Netflix’s two new co-Chief Executive Officers (CEOs) Ted Sarandos and Greg Peters have given more details on what this end of password sharing will mean.
Last December, Netflix confirmed plans for ending password sharing in 2023 and that it would roll out an advertising-supported tier for the online streaming platform. Now in an interview with Bloomberg, Netflix’s two new co-Chief Executive Officers (CEOs) Ted Sarandos and Greg Peters have given more details on what this end of password sharing will mean.
According to Peters, the company will not sacrifice consumer experience, even as it controls password sharing, and this will be a “graduated approach.” But he added, “the vast majority of people who are not paying for Netflix will have to pay for Netflix. It gets to a pretty firm kind of position.”
He also admitted this will not be “a universally popular kind of event,” and that the streaming service will likely face some “unhappy customers.” The CEOs also stressed that they plan to increase the company’s subscriber base by 15 to 20 million, especially with a focus on countries like India. And yes, admittedly, password sharing stands in the way of subscriber growth, which has become a challenge for Netflix in light of growing competition.
When asked about how many people of the 100 million who share passwords, will eventually start paying for their own Netflix account, Peters said they would definitely like to win all of them back by delivering content like “Glass Onion” every week.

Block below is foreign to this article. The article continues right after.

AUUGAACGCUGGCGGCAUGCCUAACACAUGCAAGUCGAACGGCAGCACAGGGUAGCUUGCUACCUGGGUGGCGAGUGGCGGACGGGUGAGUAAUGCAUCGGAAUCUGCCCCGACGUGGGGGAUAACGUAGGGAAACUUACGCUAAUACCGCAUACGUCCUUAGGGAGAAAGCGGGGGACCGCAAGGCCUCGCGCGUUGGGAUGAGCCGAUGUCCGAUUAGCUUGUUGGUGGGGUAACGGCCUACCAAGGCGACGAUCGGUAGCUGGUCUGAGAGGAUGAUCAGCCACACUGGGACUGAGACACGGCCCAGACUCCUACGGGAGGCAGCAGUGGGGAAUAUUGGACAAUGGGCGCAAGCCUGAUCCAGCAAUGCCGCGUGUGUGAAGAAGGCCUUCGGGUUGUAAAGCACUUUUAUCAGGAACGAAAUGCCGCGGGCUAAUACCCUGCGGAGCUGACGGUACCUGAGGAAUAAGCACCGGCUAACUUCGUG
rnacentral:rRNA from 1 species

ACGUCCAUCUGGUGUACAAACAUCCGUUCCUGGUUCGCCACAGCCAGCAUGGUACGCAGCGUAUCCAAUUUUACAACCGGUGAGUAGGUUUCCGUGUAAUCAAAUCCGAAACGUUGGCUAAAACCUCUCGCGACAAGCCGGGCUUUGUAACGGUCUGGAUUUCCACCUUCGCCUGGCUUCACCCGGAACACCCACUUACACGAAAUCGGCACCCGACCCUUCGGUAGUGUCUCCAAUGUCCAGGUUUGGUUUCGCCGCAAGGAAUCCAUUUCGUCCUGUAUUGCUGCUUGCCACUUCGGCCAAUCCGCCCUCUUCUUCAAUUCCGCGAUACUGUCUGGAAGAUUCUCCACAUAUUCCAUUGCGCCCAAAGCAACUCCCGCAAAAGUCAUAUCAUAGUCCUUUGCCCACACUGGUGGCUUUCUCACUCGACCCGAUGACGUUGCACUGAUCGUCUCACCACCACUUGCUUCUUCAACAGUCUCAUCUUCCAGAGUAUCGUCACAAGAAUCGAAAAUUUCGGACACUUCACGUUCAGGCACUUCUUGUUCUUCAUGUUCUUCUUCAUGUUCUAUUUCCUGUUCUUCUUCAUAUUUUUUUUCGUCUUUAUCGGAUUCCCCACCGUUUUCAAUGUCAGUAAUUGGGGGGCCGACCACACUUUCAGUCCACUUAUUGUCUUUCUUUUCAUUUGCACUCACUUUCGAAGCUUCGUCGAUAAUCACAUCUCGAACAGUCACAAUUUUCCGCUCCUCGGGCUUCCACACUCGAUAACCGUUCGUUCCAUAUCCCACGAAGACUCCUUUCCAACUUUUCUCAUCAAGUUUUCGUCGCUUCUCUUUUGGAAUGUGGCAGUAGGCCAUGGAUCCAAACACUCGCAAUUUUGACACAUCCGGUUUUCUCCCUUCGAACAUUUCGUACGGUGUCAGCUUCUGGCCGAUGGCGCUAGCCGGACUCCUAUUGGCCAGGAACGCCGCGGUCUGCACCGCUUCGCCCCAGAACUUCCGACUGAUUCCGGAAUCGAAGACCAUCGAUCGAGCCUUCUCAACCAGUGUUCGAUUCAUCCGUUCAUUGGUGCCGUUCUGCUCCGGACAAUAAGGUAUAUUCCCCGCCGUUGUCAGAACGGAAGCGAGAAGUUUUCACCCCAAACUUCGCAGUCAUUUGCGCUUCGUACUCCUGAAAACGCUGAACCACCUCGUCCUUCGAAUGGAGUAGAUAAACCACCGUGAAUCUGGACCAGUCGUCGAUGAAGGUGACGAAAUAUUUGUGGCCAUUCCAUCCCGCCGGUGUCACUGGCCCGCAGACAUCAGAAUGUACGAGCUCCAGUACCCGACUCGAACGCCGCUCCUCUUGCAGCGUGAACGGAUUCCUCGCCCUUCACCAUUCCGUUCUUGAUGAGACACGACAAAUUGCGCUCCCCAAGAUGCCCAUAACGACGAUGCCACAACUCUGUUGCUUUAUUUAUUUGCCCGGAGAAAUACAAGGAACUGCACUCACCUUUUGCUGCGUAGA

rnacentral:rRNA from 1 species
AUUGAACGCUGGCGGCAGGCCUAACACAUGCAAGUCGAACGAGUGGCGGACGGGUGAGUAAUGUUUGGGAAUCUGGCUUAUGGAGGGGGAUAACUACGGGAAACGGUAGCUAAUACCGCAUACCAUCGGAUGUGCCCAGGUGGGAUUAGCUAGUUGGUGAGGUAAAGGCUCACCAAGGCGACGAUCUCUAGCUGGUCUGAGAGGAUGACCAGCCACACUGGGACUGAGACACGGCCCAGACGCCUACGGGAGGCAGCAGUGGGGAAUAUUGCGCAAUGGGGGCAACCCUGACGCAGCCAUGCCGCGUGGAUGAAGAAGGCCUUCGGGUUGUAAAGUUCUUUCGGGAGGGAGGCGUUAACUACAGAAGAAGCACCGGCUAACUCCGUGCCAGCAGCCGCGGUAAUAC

Advertising is another focus area for Netflix and the company already rolled out an ad-based plan starting at $6.99 per month last year, which rolled out in Australia, Brazil, Britain, Canada, France, Germany, Italy, Japan, South Korea, Mexico, Spain and the United States.
But when asked whether Netflix was “underdelivering on advertising-supported viewers,” the duo disagreed. According to Peters, they have “knocked this thing (the ad-supported plan) outta the park,” and will be “busy building this out for years to come.” The company views the ‘basic with ads’ plan as complementary to the overall plan set and it is catering to “price-sensitive customers.” It is not clear when Netflix plans to roll out the ad-supported plan in India. Rivals like Disney+Hotstart already have ad-based plans in the Indian market.
Regarding password sharing, Netflix has already been testing it in Latin American countries such as Argentina, El Salvador, Guatemala, Honduras and the Dominican Republic. Customers have to pay an extra fee if they use their Netflix account for more than two weeks outside of their primary residence, which is around $3. There is no word on when this will start rolling out to other countries, but it will likely take place this year.